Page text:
By Peter Ryan
Printing is one of the most enjoyable outcomes of photography but it is also one of the most frustrating and potentially difficult things to master. This paper is not about post processing techniques, just printing.
There is no use trying to print anything unless you have spent time calibrating and profiling your screen.
Calibrating is a hardware function and you can use the following website: – www.photofriday.com/calibrate
Profiling is a software function and it makes appropriate changes to your graphics card. Software packages such as Spyder3 and Colormonki (there are others) are used for this process and are a MUST.
Many people blame poor colour rendition on the ink, paper or printer but never on the screen. If you don’t do this first step then you have little chance of getting a reproduction that meets your expectations.
The next thing you need to manage is the output and the easiest way to start is to use the printer manufacturer’s paper and inks. When you load the printer driver software it will download ICC profiles to match the ink and paper combinations. When you get more experienced you may choose to use other papers and download specific ICC matching profile or make your own profiles – using special software.
The most common complaint I hear from people is MY PRINT IS TOO DARK.
Now you have calibrated and profiled your screen you need to turn the brightness of your screen down to 50%. The image on screen is backlit and if turned up too bright you underexpose the image during post processing to compensate.
Also remember, the image on screen is based on RGB (additive colours) while the print is CMYK (subtractive colours) and viewed under reflective light so you will never get 100% correct colour matching. Next you need to understand the output limitations of your desired medium.
The Digital Dynamic Range Conundrum
All the way through the output process colours are being ‘blocked up’ or compressed at either end of the dynamic range. The dynamic range of a jpg file consists of 256 colours each of the Red, Green and Blue channels. Combined these give you over 16.78m colours so you are not short on colours but there is only 256 tones between Black (0) and White (256).
With all this blocking up of colours what you find that while 0 (zero) is Black, 50 also looks black, 100 looks black and it is not until you get to the mid 100 tonal range you start to see shades of grey, so-to-speak. With the compression of colours from capture to output we finish up with a lot of detail that is hidden, particularly in the shadow area.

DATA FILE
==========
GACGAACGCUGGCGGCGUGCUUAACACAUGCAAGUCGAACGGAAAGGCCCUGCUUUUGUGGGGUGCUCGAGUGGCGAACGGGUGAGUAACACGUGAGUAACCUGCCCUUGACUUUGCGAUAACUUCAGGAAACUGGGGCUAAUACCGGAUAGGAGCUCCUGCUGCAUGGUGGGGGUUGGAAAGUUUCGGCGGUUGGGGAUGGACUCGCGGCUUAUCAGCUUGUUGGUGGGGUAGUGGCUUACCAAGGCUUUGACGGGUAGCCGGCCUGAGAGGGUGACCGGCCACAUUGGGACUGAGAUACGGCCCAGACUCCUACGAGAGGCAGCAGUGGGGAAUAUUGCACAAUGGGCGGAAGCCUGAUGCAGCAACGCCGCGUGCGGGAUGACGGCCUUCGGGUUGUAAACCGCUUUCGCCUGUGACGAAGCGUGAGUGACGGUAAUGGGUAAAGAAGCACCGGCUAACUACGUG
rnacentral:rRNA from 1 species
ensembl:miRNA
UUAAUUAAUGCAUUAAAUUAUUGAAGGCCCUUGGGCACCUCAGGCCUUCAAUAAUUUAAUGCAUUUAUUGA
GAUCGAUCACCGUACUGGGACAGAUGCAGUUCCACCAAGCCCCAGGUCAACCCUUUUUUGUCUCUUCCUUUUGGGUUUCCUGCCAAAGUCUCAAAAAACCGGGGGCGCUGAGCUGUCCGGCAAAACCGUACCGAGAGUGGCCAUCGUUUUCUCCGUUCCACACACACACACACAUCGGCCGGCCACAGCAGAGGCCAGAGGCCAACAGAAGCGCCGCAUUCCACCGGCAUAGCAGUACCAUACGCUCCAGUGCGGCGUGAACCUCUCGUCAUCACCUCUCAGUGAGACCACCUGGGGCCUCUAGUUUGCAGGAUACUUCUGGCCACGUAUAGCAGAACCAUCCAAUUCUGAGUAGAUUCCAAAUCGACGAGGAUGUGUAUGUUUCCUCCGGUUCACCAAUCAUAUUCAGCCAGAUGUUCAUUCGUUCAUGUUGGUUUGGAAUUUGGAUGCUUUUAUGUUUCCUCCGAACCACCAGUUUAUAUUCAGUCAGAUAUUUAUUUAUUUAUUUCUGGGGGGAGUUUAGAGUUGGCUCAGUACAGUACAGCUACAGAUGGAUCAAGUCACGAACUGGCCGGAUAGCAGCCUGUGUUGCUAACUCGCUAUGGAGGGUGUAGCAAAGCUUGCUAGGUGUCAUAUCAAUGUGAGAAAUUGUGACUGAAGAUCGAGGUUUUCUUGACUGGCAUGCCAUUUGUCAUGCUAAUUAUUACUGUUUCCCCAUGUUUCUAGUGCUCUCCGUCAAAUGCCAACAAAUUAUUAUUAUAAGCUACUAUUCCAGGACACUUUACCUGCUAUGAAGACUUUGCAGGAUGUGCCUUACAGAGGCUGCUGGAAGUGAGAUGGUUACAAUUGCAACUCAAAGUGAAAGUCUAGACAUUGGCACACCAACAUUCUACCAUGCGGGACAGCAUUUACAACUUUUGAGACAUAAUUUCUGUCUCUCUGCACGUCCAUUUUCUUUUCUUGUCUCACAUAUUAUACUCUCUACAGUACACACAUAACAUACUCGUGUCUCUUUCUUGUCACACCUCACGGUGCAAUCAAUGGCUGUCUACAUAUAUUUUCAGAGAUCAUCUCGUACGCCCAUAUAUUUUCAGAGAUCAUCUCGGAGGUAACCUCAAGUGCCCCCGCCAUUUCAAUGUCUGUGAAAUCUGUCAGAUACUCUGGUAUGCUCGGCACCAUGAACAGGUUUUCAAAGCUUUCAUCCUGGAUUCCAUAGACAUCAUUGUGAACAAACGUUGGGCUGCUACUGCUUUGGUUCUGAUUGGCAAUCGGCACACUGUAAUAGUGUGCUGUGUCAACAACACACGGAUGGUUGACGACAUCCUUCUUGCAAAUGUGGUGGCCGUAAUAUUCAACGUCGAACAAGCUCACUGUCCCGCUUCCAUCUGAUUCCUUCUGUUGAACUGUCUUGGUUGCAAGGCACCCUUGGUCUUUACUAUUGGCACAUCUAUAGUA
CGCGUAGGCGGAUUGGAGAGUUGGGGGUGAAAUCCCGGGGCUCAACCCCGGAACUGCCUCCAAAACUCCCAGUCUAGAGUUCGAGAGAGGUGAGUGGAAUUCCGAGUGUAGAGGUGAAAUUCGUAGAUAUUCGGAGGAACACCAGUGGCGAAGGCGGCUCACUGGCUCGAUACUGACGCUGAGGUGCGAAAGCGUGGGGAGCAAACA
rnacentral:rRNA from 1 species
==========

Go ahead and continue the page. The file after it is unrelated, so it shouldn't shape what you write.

To get a good quality print that reflects more what the eye sees we need to open up the shadow detail by moving the tones from the area we cannot see to the mid-tone area where we can. We do this by using the Shadow/Highlights command (or Fill slider in ACR).
This process can make the image look a bit flat (or milky) so it is important to add some saturation of colour and bring in the Black and White clipping points on the Levels command to restore the proper contrast to the image.
Below is the full RGB colour spectrum.
There are two main colour spaces used in digital photography – sRBG and Adobe RGB (1998). The first is slightly smaller than the second. Gamut (or colour range) is the word used to describe the colour spaces.
What Colour Space do You Use?:
1. sRGB is best to use if you are printing direct from the camera or using kiosks and generally most photo labs are set up for sRGB – it is best to ask them first. sRGB is also the mode best suited to viewing on computer screens including email and web postings and is best for skin tone in wedding and portrait shots.
2. Adobe RGB (1998), or just Adobe RGB as it is called, has a wider colour range (gamut) and particularly in the green range. This is best used when you intend to do your own post production work in a designated photo imaging program, i.e. Photoshop, which can handle the larger colour gamut. This may give some slight advantage when printing to your own inkjet printer.